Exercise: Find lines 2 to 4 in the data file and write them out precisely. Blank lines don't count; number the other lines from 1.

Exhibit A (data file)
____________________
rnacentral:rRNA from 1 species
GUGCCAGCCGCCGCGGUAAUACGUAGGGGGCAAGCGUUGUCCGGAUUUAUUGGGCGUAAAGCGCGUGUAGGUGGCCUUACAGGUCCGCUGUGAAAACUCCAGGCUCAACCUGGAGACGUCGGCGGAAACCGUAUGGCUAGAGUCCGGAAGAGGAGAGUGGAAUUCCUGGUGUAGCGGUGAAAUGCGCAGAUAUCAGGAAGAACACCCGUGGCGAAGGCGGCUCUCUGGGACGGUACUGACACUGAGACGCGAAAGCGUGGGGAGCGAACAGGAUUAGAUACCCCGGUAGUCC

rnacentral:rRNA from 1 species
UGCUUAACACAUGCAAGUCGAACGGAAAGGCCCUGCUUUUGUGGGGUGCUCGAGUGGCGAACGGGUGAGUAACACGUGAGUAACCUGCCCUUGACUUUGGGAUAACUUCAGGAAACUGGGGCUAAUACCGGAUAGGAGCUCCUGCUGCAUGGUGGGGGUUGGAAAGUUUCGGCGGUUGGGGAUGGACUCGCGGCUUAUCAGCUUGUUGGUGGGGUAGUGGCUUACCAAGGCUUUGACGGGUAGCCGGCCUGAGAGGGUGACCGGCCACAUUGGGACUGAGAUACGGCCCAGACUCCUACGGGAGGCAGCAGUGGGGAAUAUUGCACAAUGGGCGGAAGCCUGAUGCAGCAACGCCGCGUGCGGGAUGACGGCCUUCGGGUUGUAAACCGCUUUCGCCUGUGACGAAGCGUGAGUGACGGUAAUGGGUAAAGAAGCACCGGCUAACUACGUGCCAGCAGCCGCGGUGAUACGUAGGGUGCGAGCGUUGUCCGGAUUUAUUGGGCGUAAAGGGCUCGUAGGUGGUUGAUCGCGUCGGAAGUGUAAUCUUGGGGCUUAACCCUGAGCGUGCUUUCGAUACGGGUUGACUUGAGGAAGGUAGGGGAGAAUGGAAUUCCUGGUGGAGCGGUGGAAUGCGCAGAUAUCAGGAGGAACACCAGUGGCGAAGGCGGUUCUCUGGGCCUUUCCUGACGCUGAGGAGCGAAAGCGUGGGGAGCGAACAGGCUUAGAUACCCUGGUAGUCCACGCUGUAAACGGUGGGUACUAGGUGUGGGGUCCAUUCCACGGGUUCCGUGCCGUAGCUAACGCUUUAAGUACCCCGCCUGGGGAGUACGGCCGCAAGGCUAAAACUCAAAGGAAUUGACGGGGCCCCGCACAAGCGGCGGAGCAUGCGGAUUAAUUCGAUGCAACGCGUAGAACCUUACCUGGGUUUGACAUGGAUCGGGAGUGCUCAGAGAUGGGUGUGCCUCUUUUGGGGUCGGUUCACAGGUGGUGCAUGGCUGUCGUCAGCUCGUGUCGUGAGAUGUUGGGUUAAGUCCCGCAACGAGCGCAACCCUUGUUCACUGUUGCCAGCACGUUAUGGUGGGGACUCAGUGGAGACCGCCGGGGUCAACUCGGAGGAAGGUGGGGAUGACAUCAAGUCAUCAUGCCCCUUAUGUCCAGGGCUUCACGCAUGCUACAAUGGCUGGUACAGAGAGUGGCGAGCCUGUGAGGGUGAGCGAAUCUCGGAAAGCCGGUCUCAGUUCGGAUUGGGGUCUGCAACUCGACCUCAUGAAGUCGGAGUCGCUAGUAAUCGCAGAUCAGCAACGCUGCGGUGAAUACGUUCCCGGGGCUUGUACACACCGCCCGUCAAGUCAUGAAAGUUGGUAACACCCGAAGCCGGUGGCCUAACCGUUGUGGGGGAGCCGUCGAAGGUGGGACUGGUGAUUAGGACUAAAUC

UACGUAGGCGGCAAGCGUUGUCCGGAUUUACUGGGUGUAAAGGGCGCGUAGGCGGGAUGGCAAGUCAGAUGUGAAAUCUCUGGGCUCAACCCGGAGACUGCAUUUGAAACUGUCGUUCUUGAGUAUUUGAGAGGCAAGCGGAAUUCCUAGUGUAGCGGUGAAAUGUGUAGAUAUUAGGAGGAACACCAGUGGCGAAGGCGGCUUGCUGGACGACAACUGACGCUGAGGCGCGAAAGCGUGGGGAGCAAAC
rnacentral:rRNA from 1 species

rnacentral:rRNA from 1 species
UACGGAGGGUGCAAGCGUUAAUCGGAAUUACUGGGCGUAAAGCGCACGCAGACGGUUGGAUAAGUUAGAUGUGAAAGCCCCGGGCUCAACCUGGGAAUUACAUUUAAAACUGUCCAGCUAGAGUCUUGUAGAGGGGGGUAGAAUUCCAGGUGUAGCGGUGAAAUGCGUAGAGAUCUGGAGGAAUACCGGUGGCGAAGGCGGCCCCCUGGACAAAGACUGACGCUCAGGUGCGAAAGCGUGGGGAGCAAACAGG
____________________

GUGCCAGCCGCCGCGGUAAUACGUAGGGGGCAAGCGUUGUCCGGAUUUAUUGGGCGUAAAGCGCGUGUAGGUGGCCUUACAGGUCCGCUGUGAAAACUCCAGGCUCAACCUGGAGACGUCGGCGGAAACCGUAUGGCUAGAGUCCGGAAGAGGAGAGUGGAAUUCCUGGUGUAGCGGUGAAAUGCGCAGAUAUCAGGAAGAACACCCGUGGCGAAGGCGGCUCUCUGGGACGGUACUGACACUGAGACGCGAAAGCGUGGGGAGCGAACAGGAUUAGAUACCCCGGUAGUCC

rnacentral:rRNA from 1 species
UGCUUAACACAUGCAAGUCGAACGGAAAGGCCCUGCUUUUGUGGGGUGCUCGAGUGGCGAACGGGUGAGUAACACGUGAGUAACCUGCCCUUGACUUUGGGAUAACUUCAGGAAACUGGGGCUAAUACCGGAUAGGAGCUCCUGCUGCAUGGUGGGGGUUGGAAAGUUUCGGCGGUUGGGGAUGGACUCGCGGCUUAUCAGCUUGUUGGUGGGGUAGUGGCUUACCAAGGCUUUGACGGGUAGCCGGCCUGAGAGGGUGACCGGCCACAUUGGGACUGAGAUACGGCCCAGACUCCUACGGGAGGCAGCAGUGGGGAAUAUUGCACAAUGGGCGGAAGCCUGAUGCAGCAACGCCGCGUGCGGGAUGACGGCCUUCGGGUUGUAAACCGCUUUCGCCUGUGACGAAGCGUGAGUGACGGUAAUGGGUAAAGAAGCACCGGCUAACUACGUGCCAGCAGCCGCGGUGAUACGUAGGGUGCGAGCGUUGUCCGGAUUUAUUGGGCGUAAAGGGCUCGUAGGUGGUUGAUCGCGUCGGAAGUGUAAUCUUGGGGCUUAACCCUGAGCGUGCUUUCGAUACGGGUUGACUUGAGGAAGGUAGGGGAGAAUGGAAUUCCUGGUGGAGCGGUGGAAUGCGCAGAUAUCAGGAGGAACACCAGUGGCGAAGGCGGUUCUCUGGGCCUUUCCUGACGCUGAGGAGCGAAAGCGUGGGGAGCGAACAGGCUUAGAUACCCUGGUAGUCCACGCUGUAAACGGUGGGUACUAGGUGUGGGGUCCAUUCCACGGGUUCCGUGCCGUAGCUAACGCUUUAAGUACCCCGCCUGGGGAGUACGGCCGCAAGGCUAAAACUCAAAGGAAUUGACGGGGCCCCGCACAAGCGGCGGAGCAUGCGGAUUAAUUCGAUGCAACGCGUAGAACCUUACCUGGGUUUGACAUGGAUCGGGAGUGCUCAGAGAUGGGUGUGCCUCUUUUGGGGUCGGUUCACAGGUGGUGCAUGGCUGUCGUCAGCUCGUGUCGUGAGAUGUUGGGUUAAGUCCCGCAACGAGCGCAACCCUUGUUCACUGUUGCCAGCACGUUAUGGUGGGGACUCAGUGGAGACCGCCGGGGUCAACUCGGAGGAAGGUGGGGAUGACAUCAAGUCAUCAUGCCCCUUAUGUCCAGGGCUUCACGCAUGCUACAAUGGCUGGUACAGAGAGUGGCGAGCCUGUGAGGGUGAGCGAAUCUCGGAAAGCCGGUCUCAGUUCGGAUUGGGGUCUGCAACUCGACCUCAUGAAGUCGGAGUCGCUAGUAAUCGCAGAUCAGCAACGCUGCGGUGAAUACGUUCCCGGGGCUUGUACACACCGCCCGUCAAGUCAUGAAAGUUGGUAACACCCGAAGCCGGUGGCCUAACCGUUGUGGGGGAGCCGUCGAAGGUGGGACUGGUGAUUAGGACUAAAUC